Last week I talked about how many thoughts you have per day – 50,000 or more and how those thoughts are often self-sabotaging. The most effective way (that I know of) to change your results, whether it’s to get a new job, get into a college or lose 50 pounds, is to change your mindset through the practice of mindfulness.
One of the more sabotaging type of thought we have is the “all or nothing” type of thinking.” I’ve had clients tell me that they must lose 15 pounds this month or it’s not worth it. In my opinion, that’s an incredibly sabotaging thought. If they lose 5 pounds this month, that is to be celebrated!
Giving yourself unattainable goals is a quick path to despair and failure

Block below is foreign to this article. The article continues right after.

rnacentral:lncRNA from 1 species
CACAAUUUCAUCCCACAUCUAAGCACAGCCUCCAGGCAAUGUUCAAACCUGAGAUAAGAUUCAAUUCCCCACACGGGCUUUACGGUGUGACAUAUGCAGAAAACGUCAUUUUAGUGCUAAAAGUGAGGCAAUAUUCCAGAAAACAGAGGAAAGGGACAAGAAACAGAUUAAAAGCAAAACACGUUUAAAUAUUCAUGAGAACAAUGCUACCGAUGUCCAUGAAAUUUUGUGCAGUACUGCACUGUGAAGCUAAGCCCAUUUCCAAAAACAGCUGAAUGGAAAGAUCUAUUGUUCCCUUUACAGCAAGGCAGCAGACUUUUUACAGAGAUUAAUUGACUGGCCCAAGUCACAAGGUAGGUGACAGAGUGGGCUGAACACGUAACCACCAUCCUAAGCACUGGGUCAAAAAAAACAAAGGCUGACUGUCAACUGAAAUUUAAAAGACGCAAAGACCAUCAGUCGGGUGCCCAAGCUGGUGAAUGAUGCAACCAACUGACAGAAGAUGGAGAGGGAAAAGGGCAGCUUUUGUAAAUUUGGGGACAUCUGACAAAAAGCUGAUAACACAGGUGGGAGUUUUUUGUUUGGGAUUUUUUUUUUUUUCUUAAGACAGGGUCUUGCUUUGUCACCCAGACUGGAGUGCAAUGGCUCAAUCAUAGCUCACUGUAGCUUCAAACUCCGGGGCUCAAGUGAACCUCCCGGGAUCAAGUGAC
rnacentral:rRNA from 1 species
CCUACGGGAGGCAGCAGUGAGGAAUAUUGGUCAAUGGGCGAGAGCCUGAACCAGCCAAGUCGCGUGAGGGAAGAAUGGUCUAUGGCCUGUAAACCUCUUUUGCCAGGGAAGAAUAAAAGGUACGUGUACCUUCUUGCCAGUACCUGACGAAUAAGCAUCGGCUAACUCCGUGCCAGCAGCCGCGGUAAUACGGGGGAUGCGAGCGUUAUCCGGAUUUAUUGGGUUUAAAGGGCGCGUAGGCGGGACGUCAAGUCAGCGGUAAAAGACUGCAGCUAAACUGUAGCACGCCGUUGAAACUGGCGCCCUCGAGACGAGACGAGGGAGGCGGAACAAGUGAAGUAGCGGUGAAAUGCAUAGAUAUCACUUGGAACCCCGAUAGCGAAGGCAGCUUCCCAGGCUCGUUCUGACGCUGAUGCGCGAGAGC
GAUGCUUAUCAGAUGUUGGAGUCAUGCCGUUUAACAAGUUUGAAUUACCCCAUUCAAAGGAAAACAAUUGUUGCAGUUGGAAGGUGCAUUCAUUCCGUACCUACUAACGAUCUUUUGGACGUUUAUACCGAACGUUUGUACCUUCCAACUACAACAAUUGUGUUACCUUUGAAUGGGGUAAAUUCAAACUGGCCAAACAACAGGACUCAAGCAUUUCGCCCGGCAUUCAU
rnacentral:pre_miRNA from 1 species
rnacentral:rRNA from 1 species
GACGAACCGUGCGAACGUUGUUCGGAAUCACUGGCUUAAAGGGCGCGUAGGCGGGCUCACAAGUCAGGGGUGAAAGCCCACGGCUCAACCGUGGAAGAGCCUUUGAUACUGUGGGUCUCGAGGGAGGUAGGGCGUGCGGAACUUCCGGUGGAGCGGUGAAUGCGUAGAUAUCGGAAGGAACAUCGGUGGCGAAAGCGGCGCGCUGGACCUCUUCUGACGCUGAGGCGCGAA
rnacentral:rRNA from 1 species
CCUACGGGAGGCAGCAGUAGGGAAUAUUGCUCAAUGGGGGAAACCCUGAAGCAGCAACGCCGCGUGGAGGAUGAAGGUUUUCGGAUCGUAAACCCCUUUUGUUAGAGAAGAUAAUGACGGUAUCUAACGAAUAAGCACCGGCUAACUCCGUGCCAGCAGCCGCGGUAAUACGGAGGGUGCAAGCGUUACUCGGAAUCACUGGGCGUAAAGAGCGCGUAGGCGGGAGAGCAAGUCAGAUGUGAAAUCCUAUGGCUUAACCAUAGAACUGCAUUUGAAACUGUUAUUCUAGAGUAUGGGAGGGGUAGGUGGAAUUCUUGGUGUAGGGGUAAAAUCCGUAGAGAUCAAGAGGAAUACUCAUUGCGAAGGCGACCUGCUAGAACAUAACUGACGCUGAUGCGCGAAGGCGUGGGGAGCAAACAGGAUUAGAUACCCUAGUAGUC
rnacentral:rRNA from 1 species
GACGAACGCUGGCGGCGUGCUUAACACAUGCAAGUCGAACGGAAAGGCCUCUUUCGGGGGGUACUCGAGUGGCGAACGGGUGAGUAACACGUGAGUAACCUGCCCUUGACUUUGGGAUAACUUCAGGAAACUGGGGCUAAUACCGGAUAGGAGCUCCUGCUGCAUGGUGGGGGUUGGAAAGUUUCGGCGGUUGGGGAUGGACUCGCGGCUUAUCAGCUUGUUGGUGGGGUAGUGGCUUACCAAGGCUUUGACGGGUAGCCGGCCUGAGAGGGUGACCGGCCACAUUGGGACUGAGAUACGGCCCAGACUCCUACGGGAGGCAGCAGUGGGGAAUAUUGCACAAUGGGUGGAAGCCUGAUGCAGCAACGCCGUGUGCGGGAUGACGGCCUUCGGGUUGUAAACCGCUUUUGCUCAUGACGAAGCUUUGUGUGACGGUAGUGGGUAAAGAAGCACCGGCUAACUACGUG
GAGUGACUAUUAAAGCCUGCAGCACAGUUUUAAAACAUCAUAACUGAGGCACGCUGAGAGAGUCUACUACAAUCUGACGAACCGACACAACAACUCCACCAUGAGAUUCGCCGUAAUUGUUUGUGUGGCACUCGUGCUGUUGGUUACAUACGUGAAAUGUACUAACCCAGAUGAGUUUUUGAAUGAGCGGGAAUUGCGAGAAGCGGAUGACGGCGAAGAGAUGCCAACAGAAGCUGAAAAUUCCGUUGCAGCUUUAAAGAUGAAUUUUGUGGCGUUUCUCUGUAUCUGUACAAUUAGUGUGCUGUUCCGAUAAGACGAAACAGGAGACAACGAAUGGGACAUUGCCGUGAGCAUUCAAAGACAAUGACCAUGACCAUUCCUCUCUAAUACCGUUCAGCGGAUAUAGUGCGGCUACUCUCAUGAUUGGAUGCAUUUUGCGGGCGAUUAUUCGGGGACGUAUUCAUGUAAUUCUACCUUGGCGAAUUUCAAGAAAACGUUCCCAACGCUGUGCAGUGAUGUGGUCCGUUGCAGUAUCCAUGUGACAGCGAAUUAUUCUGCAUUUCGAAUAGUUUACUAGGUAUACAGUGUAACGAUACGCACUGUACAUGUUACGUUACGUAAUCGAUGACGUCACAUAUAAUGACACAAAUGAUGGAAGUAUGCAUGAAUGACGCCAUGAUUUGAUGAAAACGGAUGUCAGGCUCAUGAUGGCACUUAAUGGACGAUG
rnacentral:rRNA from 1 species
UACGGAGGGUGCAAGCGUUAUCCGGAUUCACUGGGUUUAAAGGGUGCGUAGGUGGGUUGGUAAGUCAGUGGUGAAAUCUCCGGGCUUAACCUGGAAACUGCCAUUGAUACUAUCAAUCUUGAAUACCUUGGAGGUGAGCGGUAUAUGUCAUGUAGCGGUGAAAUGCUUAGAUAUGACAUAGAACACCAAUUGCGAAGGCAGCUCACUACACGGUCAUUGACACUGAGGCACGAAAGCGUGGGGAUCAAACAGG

If you set an unreasonable goal like losing 20 pounds in a month (not impossible but highly unlikely for many of us), you are more less likely to take action to begin with because of fear of failure. And, even if you do take action, if we don’t measure up, we often give up.
Watch your thoughts: are you continually setting unreasonable goals and judging yourself when you don’t meet them?
If so, follow the steps I outlined in part 1: Ask yourself:
- What am I thinking (e.g. “If I don’t lose at least 20 pounds by Christmas, I’m giving up.”)
- Ask yourself: are those helping me or sabotaging me? And, are they even true?
- What might I think that would help me? Or, what would I tell a friend in the same situation?
When I find myself falling short of my goals (reasonable or otherwise), I give myself credit for what I have accomplished and build on that. That seems to work to keep my on track.